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Bench Pressing for Olympic Weightlifters
Greg Everett
March 25 2024

Can weightlifters bench press? Yes.
Do weightlifters need to bench press? No.
Should you bench press? Maybe.
A few questions to ask yourself:
Do you currently have the overhead mobility and shoulder health for a secure, stable overhead lockout?
Are you willing to do what’s necessary to preserve that mobility if you start benching?
Do you actually need to bench?
The point of benching for weightlifters is building strength primarily in the triceps and secondarily the shoulders, and/or building upper body mass if needed, such as when moving up weight classes.
The bench press will strengthen the triceps more than the press because you’re handling larger loads, but you can do as much or more with a push press, meaning similar tricep strengthening but with the addition of improved overhead mobility and position, and dip and drive position, timing and power for the jerk.
If you lose overhead mobility because of bench pressing, strength increases may be negated by the reduced ability to get the bar into a fully locked out overhead position. In other words, despite being stronger, your overhead lockout for the jerk in particular may get worse.
Keep in mind that the strength we need is primarily isometric to maintain a locked out overhead position; that is, the need for actual pressing strength is comparatively small. That being the case, you have to consider whether or not the bench press is worth the potential reduction in overhead mobility and shoulder health when you can use other exercises to achieve enough pressing strength for the sport without the potential drawbacks of benching.
In short, my basic guidelines would be this: If you have good overhead mobility and shoulder health, and are willing and able to do the extra work to preserve it, AND have a genuinely good reason for benching, such as needing to move up a weight class or extreme upper body weakness, then it’s worth doing. Otherwise stick to exercises that will address your needs without potentially creating problems.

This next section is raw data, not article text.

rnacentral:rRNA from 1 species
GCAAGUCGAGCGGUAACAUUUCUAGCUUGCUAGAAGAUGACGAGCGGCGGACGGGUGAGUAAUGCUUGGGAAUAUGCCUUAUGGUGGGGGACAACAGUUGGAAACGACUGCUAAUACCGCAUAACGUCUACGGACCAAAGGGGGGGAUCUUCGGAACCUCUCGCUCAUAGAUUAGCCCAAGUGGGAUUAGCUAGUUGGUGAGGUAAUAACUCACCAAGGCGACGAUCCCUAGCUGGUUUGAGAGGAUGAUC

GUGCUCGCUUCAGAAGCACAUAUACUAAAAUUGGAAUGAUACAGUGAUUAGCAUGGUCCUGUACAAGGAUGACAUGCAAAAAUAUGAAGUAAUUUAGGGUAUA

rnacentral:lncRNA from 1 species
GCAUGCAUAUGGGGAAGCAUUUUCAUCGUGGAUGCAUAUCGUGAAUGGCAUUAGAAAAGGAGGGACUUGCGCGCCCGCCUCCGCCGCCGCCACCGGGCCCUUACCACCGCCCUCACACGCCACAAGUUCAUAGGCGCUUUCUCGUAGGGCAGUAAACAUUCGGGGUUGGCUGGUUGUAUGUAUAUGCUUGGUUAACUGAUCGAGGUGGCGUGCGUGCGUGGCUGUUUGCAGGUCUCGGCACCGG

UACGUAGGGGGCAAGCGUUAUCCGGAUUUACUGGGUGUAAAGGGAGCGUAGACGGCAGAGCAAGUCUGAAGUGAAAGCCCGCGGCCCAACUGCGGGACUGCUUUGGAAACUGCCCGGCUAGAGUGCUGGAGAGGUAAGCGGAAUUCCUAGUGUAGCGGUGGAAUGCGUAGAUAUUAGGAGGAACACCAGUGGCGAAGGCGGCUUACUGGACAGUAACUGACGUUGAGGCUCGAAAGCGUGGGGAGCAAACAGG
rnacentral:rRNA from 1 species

How to Maintain Shoulder Mobility & Health
First, use a grip and motion that’s better for the shoulders. This means a relatively narrow grip and keeping the upper arms within about a 45-degree angle from the sides rather than the conventional wide grip with flared elbows. That may feel stronger, at least initially, but it also tends to grind your shoulders into dust.
Second, make sure you’re doing enough upper body pulling training—this means vertical and horizontal pulling exercises like pull-up and pulldown variations, and row variations, respectively. A simple rule would be more pulling volume than pushing—and make sure you account for the pushing work you’re doing in primary exercises like push presses, snatch push press and similar. Lifts like jerk variations or jerk supports don’t need to be considered as a 1:1 with actual pressing lifts, but take them into consideration at least loosely.
Third, ensure you’re doing adequate mobility work to maintain your overhead range of motion and position. This should include everything from simple pec and shoulder passive static stretches, to dynamic range of motion exercises like arm swing and circle variations, things like CARs, and any other movements you find useful.
Finally, ensure you prepare adequately for benching in a session—don’t rush into it and hurt a shoulder to save two minutes in your warm-up.
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